Abracadabra! Turn Fighting Siblings into FriendsLaurie
Every night our family reads Bible devotions together. The lessons often draw out interesting conversation among the children such as how a five-year-old envisions heaven or which actions the kids consider sins. Last night’s lesson was Genesis 14:1-17, where God saves Lot from his enemies.
Our devotional asked, “Do you know people who are mean to you?” My eleven-year-old was appalled when both of her younger siblings named her.
Addressing the Mean
Anyone who knows my daughter is aware that she is not mean. She is kind, sweet, and helpful. But to a younger sibling, the oldest child knows more, has more privileges, and is often left in charge. Because she has recently earned her babysitter certification, I have been allowing her to watch her siblings to earn money to pay for her cell phone service. I hadn’t realized that this change in position had caused any problems. But apparently my younger two children feel that their older sister is “mean.” This conflict needed to be addressed.
Siblings will argue among themselves.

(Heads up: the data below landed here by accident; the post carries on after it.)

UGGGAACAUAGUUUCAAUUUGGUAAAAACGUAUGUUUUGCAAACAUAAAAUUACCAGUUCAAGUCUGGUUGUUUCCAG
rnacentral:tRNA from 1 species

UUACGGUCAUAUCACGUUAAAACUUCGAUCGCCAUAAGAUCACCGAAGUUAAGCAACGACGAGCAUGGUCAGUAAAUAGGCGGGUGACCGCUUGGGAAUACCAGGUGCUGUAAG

They say nasty things, make ugly faces, and sometimes even swing on each other.
How do we, as parents, take control of our children and prevent “meanness” from seeping into our relationships?
“I’m telling Mom!”
The next question that our devotional asked of us was “What can you do when someone is mean to you?” My younger children yelled out in unison, “Tell on them!”
If my children are being harassed by neighbors, friends, or online bullies, then by all means, tell on them! However, if your sister won’t let you jump on the bed or throw your toys down the stairs, then please don’t tattle on her.
But suppose you feel that your sibling is truly being mean? Is there something you can do or say to let him or her know that you don’t want to fight? We discussed this very idea last night and came up with a great solution that appears to be working well.
Say the Magic Word
We made a reminder word, a special word to be used when one of the kids feels that someone is being mean. We chose “coyote,” because… well, we just did. But you could make it any word.
The catch is that you can’t just shout out “coyote.” You have to work it into the conversation like, “Boy, it’s raining cats and coyotes out there!” Or “I’m so hungry, I could eat a coyote!” When the reminder word is used, the other sibling must do his or her best to be friendly and kind. No need to tattle and no apologies necessary.
How do you encourage siblings to treat one another with kindness and respect? I’d love to hear in the comments below.